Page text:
Tuesday, October 22, 2013

Question: how good is good enough?

If a manuscript is mostly well-written (with a believable premise and good spelling/grammar), but might still need work, would that usually be considered close enough for an agent to want to send a contract, then have the author fix it up after? 


In other words, how perfect must a manuscript be before an agent will consider signing an author?

My goal is to get a manuscript  I can send to an editor that very minute.   I also root for the Cubs, so I have a long standing ability to deal with failed hopes and dreams.

I STRONGLY encourage you to not send a manuscript out before you think it's absolutely ready to be published, because I can assure you that what you think is publishable and what I think is publishable are probably different.

That said, I've worked with authors to edit their work before it's gone out.  Everything from developmental editing to copy editing.

Now though, I don't have a lot of time to do that for potential new clients. I have old clients who keep me very busy with that sort of stuff.  Younger agents who don't have a big list are more likely to have the time to do that kind of developmental work.

Don't count on it though.  "Good enough" is not the standard you want to aspire to.  Almost every single one of my clients has to have the manuscript pried out of their twitching fingers as they mutter "wait, should it be like or that for that clause on page 303!?"  In other words, writers who have sweated every single word, sentence, paragraph and page.  


french sojourn said...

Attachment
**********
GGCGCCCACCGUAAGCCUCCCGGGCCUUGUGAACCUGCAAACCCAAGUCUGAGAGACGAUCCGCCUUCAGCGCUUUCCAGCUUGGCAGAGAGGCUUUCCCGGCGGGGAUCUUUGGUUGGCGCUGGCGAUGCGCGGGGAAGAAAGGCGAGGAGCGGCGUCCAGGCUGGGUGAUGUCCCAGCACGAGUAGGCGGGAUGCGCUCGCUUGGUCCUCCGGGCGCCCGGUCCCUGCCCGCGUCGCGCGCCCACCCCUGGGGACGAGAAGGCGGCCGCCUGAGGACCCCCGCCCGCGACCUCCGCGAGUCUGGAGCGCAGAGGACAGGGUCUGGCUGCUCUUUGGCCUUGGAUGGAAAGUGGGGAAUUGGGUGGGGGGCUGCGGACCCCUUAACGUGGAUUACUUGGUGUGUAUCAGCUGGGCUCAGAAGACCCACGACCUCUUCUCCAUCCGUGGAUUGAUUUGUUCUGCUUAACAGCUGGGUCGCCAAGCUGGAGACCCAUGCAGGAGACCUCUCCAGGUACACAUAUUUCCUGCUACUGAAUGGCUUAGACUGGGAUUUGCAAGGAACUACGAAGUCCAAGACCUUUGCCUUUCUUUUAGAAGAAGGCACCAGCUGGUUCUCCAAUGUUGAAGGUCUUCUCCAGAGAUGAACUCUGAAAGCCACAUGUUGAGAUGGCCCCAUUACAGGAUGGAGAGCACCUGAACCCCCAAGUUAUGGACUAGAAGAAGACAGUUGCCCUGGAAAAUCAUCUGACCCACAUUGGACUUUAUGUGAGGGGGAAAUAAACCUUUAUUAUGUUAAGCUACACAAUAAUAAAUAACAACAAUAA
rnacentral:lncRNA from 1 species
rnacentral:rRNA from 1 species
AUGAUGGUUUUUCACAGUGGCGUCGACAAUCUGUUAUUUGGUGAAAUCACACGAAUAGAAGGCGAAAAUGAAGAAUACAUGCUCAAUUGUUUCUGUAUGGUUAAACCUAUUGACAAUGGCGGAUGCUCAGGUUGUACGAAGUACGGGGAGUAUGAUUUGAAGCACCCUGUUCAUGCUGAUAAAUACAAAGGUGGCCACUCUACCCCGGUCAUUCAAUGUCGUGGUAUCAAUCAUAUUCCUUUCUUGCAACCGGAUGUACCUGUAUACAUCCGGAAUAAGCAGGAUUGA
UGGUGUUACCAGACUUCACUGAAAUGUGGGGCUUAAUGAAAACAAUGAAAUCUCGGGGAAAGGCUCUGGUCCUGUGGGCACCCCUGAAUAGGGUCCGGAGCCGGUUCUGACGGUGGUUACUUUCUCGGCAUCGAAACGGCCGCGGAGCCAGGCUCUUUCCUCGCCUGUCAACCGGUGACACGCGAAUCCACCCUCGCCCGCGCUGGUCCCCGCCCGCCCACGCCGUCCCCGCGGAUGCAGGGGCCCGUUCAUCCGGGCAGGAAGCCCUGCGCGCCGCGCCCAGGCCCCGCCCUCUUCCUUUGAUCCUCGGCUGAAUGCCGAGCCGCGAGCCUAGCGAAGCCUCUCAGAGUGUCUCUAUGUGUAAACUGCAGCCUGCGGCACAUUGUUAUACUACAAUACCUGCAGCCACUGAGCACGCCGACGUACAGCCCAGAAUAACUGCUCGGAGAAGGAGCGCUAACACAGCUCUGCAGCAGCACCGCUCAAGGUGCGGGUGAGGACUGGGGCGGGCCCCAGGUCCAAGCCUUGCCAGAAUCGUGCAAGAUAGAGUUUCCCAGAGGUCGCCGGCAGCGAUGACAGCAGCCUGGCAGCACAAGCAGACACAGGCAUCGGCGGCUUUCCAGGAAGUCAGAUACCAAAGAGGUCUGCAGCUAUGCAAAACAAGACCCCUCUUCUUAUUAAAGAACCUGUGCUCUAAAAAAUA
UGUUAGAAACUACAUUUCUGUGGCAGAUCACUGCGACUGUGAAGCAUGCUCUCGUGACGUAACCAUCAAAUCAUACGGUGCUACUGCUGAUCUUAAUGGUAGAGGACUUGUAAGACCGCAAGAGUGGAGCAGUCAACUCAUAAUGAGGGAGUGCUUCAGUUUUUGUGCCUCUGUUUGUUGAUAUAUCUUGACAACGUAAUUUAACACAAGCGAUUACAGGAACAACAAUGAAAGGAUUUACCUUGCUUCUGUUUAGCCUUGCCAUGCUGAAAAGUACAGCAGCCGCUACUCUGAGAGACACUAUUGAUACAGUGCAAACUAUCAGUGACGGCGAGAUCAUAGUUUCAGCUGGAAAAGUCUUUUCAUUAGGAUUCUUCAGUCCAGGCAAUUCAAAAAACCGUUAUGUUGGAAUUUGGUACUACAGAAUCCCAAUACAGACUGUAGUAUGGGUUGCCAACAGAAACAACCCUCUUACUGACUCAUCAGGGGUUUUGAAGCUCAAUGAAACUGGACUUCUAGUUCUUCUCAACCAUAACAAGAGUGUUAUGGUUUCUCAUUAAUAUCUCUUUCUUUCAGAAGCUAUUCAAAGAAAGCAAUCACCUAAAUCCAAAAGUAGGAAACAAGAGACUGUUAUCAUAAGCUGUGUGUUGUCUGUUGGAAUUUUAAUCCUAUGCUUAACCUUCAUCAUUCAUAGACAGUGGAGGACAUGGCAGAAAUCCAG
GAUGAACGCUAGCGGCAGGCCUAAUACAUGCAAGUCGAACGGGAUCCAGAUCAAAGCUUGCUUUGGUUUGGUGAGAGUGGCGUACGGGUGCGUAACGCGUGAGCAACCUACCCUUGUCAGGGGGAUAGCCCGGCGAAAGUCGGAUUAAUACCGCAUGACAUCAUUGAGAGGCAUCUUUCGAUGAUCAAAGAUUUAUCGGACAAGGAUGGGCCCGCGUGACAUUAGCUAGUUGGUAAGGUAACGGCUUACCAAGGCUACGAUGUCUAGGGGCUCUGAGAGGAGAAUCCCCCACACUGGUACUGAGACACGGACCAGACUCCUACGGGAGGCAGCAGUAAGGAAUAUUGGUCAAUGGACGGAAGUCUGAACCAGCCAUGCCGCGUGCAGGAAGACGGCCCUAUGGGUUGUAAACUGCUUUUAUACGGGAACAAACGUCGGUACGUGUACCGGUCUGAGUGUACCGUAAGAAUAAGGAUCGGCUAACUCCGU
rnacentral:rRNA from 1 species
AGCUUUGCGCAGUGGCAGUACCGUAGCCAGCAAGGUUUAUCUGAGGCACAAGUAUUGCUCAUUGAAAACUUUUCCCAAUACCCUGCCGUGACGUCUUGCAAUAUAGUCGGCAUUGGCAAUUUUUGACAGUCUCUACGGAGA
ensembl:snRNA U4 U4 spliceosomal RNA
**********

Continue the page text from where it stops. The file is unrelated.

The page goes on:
The first m/s I wrote resembled a snake eating its own tail. My writing improved so much that by the time I “finished” the m/s….I had to start all over.
Now on m/s four it flows….such an exciting process.
I feel this one could be submitted…once you pry it out of my cold….

Unknown said...

Of course I agree that an author should submit their very best work, however sometimes, especially in the beginning when delusion is part of the daily ritual of an aspiring writer, it’s difficult to know what is good, great, or even what is ready
My first effort, a historical-dark fantasy trilogy, was, to put it mildly, the blind leading the blind. Even though it got requests, they didn’t lead to final offers. I set it aside.

My second and third attempts (worked on dually) and an Adult and NA respectfully, are a far cry from the dribble, the verbal diarrhea and the over use of verbs of my trilogy. I also learnt to be more selective with my agents and not submit without (really and serious) consideration. Both those MS’s have fulls out.

As for the trilogy, it’ll become a WIP at some point and perhaps rise from the ashes.

My point here is that sometimes writers don’t know their work isn’t ready and send what they believe is the very best they can do. It’s part of the apprenticeship of becoming an established and published author.

Chro said...

This is something I've really struggled with. Even if I think something is ready to send out, that is no guarantee that agents or publishers will agree.

To make matters worse, I've had readers convinced that the book is destined to be published, and say I should start sending it out right away, only to have agents disagree with them as well.

And on top of that, this is a subjective business, so one agent might salivate for something another agent won't touch. And with most rejections being form rejections, getting a straight answer about what's wrong with your novel is difficult to say the least.